As Helene Mialet’s ethnography examines the role of his assistants, his students, and the media in the social construction of ‘Stephen Hawking: the great genius’, she also shows the subtle ways that some part of Hawking the man remains present, imposes himself on each interaction within his extended network.
Are you keen to understand more about what anthropologists do and why they do it? This post compiles the reasons of anthros from around the world in honour of #AnthroDay 2018.
Although I’ve often been heard to sigh and groan that “technology hates me”, just like any other self-respecting anthropologist, in this post I want to consider just what we might be missing out on if we choose to totally avoid extending our minds into cyber-infinity and beyond.
“...the child operates as a powerful figure in our society, where children can mobilize anything, from anxieties about same sex marriage to fears about children in detention, and all these things that we see in our own society today.”
I was listening to a ‘Waking Up with Sam Harris’ episode a few weeks ago, called Facing the Crowd. It has since been playing on my mind. Harris talks with Yale Professor Nicholas Christakis, who, for a few short months in 2015/16, was also a Yale ‘Master’ - a title for academic caretakers of particular … Continue reading Unpacking the Yale Halloween Scandal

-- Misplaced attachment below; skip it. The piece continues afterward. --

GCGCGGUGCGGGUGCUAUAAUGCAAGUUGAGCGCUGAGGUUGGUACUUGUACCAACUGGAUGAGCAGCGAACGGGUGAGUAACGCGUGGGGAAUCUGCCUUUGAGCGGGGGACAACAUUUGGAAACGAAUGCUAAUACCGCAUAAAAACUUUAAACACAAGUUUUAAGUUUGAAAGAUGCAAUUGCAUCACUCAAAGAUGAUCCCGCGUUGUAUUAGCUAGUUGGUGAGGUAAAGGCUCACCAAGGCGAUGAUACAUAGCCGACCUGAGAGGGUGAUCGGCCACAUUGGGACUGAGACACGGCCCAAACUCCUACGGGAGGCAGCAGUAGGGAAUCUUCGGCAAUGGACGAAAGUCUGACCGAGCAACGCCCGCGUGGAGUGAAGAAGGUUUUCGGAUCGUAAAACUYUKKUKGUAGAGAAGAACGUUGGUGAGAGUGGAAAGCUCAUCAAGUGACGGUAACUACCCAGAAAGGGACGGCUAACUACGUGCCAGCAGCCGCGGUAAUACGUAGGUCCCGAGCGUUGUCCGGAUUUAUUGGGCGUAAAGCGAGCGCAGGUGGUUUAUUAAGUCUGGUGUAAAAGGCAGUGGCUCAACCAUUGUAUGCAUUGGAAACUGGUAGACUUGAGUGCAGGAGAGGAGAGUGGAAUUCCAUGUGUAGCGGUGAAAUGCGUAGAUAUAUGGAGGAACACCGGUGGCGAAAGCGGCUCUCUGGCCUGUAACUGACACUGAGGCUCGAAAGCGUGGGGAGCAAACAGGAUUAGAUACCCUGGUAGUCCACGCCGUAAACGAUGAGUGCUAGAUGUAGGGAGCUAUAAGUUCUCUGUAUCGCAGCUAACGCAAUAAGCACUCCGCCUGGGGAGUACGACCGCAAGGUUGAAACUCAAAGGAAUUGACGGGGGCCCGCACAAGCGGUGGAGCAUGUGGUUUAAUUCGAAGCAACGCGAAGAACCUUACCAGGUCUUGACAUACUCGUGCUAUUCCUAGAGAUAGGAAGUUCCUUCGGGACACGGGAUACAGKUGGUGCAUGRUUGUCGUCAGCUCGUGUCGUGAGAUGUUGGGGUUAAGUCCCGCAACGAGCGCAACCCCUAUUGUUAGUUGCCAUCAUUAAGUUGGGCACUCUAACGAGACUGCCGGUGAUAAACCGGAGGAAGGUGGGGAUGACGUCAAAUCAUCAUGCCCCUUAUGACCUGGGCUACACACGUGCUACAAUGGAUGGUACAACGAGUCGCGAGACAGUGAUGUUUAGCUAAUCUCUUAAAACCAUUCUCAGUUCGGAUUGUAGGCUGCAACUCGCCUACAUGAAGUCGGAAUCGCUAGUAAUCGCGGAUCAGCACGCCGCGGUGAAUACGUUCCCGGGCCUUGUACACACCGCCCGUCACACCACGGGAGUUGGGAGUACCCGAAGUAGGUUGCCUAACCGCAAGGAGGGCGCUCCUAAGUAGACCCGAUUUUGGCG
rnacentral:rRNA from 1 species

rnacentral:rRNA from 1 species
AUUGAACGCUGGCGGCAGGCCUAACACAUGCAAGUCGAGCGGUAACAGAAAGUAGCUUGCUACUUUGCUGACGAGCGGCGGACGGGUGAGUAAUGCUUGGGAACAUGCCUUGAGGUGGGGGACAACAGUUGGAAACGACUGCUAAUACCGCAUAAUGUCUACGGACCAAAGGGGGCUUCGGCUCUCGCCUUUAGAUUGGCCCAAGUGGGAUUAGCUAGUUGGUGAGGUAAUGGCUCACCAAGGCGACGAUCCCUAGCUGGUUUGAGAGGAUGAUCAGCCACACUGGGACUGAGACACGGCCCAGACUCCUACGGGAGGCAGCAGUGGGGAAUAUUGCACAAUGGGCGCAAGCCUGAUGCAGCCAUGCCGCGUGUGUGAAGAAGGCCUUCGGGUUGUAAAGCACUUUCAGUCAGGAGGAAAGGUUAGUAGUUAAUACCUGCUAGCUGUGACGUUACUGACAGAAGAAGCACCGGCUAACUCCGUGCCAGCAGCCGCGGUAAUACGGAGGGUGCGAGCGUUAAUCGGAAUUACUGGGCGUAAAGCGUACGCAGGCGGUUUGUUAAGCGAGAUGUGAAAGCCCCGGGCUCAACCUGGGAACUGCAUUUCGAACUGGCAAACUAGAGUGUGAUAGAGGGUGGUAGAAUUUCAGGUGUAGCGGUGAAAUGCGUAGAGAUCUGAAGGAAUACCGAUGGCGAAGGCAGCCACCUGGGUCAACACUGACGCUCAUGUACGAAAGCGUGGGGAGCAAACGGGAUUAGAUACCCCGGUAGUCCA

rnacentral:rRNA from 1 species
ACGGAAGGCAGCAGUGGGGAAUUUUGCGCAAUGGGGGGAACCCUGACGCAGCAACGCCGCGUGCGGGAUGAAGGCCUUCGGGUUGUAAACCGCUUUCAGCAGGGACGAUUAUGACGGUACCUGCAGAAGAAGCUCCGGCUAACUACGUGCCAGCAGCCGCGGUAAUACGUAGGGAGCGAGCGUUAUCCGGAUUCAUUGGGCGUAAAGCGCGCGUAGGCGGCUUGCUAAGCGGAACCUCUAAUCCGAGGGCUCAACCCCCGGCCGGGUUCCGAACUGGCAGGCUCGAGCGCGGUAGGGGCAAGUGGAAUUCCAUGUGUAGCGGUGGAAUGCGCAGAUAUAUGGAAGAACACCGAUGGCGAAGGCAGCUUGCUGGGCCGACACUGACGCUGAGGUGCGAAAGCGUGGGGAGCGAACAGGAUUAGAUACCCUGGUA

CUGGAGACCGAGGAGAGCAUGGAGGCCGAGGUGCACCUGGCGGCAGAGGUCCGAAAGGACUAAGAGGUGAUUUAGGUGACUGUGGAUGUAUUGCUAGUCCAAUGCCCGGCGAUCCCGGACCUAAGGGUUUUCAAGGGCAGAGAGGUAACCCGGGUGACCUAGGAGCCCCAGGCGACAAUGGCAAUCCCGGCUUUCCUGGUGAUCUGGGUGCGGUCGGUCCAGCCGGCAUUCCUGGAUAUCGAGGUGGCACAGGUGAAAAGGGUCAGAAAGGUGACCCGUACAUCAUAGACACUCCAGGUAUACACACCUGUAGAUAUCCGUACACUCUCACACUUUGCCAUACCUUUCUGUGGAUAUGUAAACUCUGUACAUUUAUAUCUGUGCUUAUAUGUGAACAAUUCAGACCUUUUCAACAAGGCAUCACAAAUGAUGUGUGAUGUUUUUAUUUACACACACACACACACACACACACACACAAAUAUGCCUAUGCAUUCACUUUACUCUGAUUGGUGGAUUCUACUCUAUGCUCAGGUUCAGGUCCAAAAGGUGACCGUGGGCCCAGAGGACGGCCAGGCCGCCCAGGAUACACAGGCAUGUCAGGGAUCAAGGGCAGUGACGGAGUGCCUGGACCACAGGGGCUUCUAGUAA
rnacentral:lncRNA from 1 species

Questions about Exploitation and Invisible Work in Academia It is an open secret amongst academics that universities exploit the labour of their academic staff, and more importantly, that they exploit the unpaid labour of their academic staff. There are arguments for and against this – doesn’t every vocation evoke unpaid labour? Hasn’t academia always been … Continue reading In Academia, All You Need is Love
I’m writing a chapter at the moment for The Research Handbook of Global Families (due out in 2019 - stay tuned!), which is, in essence, about how families cope, adapt and sometimes collapse when they find themselves internationally ‘on the move’. As I’ve been writing it, I’ve been quizzing friends and colleagues about how they … Continue reading Australian Families: Who’s Counting?
My life reached a whole new level of weird recently. I signed up to a fortnightly subscription for deodorant delivery. My husband and I, as busy, professional DINKs1 (sort of – I’m on a PhD scholarship, but still, there are two of us) outsource a lot of our adulting responsibilities – we’ve been taking advantage of … Continue reading Outsource Your Adulting
In some ways, it’s easier than ever before to be an expert in something - YouTube can teach you almost anything you want to know. At the same time though, it’s not the best time in history to purport to be an expert, either. And in a ‘post-fact era’, where politicians can make statements like … Continue reading Are You an Intellectual, or a Member of the Intelligentsia?